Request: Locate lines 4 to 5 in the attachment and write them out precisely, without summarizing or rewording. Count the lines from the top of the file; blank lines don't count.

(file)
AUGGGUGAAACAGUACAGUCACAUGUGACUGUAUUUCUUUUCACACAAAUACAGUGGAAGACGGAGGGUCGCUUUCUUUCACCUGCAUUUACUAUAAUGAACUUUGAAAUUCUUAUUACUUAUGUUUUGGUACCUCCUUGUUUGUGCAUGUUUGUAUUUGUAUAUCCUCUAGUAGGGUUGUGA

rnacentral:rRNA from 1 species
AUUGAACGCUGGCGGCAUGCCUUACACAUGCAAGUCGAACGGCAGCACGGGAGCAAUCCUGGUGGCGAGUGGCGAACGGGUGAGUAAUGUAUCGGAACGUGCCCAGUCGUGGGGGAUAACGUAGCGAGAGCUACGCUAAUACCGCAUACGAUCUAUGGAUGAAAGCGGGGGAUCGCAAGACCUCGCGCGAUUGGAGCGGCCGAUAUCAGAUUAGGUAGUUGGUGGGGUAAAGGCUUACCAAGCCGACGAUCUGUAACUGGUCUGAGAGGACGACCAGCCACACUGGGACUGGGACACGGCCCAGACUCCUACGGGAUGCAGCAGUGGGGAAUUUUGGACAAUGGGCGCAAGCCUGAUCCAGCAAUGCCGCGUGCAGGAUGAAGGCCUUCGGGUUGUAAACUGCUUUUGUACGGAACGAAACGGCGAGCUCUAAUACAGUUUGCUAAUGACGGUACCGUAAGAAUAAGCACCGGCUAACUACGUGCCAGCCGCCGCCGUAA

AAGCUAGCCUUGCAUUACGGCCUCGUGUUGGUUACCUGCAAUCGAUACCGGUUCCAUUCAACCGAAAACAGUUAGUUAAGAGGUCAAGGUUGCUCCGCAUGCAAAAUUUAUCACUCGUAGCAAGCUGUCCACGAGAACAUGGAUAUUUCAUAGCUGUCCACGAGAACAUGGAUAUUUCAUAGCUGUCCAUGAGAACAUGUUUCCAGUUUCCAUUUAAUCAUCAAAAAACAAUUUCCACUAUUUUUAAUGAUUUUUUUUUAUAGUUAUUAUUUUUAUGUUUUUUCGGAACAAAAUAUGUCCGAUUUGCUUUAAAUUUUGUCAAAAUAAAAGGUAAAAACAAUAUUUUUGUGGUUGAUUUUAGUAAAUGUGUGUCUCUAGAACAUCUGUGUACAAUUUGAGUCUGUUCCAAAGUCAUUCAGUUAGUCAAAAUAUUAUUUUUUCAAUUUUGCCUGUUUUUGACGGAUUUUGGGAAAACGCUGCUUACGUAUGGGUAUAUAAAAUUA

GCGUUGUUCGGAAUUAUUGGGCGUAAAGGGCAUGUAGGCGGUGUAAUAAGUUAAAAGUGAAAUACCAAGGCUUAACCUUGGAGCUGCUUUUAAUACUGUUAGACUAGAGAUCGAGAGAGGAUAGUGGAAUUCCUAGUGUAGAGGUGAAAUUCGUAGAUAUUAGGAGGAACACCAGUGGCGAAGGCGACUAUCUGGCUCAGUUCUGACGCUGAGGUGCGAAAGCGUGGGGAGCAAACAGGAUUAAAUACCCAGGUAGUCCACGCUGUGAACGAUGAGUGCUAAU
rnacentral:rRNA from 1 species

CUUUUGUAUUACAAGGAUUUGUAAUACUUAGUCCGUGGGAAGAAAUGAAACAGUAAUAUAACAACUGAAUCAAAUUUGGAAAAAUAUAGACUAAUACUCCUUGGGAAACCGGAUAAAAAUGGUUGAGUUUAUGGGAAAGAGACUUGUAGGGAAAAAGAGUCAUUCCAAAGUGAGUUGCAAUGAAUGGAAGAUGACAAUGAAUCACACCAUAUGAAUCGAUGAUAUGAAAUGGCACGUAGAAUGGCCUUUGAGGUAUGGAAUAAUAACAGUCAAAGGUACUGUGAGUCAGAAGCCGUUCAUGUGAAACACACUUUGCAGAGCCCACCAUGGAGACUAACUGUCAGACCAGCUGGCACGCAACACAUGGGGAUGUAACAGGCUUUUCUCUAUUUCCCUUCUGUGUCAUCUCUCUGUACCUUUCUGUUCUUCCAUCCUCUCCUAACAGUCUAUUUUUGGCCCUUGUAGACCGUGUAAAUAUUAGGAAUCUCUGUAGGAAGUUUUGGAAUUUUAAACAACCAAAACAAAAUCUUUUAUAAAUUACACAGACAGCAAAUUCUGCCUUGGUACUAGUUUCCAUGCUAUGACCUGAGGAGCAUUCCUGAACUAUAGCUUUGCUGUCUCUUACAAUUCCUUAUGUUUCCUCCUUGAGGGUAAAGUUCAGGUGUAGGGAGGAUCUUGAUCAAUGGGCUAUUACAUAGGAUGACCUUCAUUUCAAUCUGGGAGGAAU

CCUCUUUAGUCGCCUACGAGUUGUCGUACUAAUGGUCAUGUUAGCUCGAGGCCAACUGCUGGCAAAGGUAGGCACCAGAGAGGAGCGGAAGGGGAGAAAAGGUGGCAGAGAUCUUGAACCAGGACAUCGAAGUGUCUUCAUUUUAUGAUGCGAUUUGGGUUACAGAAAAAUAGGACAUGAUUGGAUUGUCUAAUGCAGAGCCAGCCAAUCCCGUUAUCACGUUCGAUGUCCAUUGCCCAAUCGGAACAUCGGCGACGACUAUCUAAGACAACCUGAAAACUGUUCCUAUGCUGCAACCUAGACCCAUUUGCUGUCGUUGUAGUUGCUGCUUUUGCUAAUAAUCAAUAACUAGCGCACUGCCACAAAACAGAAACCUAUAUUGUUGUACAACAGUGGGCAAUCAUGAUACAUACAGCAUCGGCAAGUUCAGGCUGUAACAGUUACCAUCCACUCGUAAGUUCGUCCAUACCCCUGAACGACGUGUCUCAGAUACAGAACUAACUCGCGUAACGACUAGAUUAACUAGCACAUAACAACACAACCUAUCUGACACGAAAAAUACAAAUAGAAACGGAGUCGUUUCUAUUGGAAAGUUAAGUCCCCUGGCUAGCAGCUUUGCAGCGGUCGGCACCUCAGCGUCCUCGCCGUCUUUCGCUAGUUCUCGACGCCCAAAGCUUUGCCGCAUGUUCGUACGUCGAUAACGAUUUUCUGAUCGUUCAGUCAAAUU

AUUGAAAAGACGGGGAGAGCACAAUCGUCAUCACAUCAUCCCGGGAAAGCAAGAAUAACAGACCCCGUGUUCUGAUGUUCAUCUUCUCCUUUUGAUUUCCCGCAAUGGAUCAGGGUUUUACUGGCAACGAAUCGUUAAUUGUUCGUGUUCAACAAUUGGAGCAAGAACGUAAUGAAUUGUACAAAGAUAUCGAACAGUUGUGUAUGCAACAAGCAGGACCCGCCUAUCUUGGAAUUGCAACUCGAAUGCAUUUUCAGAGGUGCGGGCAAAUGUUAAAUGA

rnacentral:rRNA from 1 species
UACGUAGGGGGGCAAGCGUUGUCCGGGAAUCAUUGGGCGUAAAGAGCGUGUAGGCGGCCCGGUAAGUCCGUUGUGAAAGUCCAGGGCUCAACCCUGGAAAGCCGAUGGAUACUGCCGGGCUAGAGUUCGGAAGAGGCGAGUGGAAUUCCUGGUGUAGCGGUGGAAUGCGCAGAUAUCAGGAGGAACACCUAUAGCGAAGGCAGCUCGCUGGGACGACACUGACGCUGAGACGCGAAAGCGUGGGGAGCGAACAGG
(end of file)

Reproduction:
AAGCUAGCCUUGCAUUACGGCCUCGUGUUGGUUACCUGCAAUCGAUACCGGUUCCAUUCAACCGAAAACAGUUAGUUAAGAGGUCAAGGUUGCUCCGCAUGCAAAAUUUAUCACUCGUAGCAAGCUGUCCACGAGAACAUGGAUAUUUCAUAGCUGUCCACGAGAACAUGGAUAUUUCAUAGCUGUCCAUGAGAACAUGUUUCCAGUUUCCAUUUAAUCAUCAAAAAACAAUUUCCACUAUUUUUAAUGAUUUUUUUUUAUAGUUAUUAUUUUUAUGUUUUUUCGGAACAAAAUAUGUCCGAUUUGCUUUAAAUUUUGUCAAAAUAAAAGGUAAAAACAAUAUUUUUGUGGUUGAUUUUAGUAAAUGUGUGUCUCUAGAACAUCUGUGUACAAUUUGAGUCUGUUCCAAAGUCAUUCAGUUAGUCAAAAUAUUAUUUUUUCAAUUUUGCCUGUUUUUGACGGAUUUUGGGAAAACGCUGCUUACGUAUGGGUAUAUAAAAUUA

GCGUUGUUCGGAAUUAUUGGGCGUAAAGGGCAUGUAGGCGGUGUAAUAAGUUAAAAGUGAAAUACCAAGGCUUAACCUUGGAGCUGCUUUUAAUACUGUUAGACUAGAGAUCGAGAGAGGAUAGUGGAAUUCCUAGUGUAGAGGUGAAAUUCGUAGAUAUUAGGAGGAACACCAGUGGCGAAGGCGACUAUCUGGCUCAGUUCUGACGCUGAGGUGCGAAAGCGUGGGGAGCAAACAGGAUUAAAUACCCAGGUAGUCCACGCUGUGAACGAUGAGUGCUAAU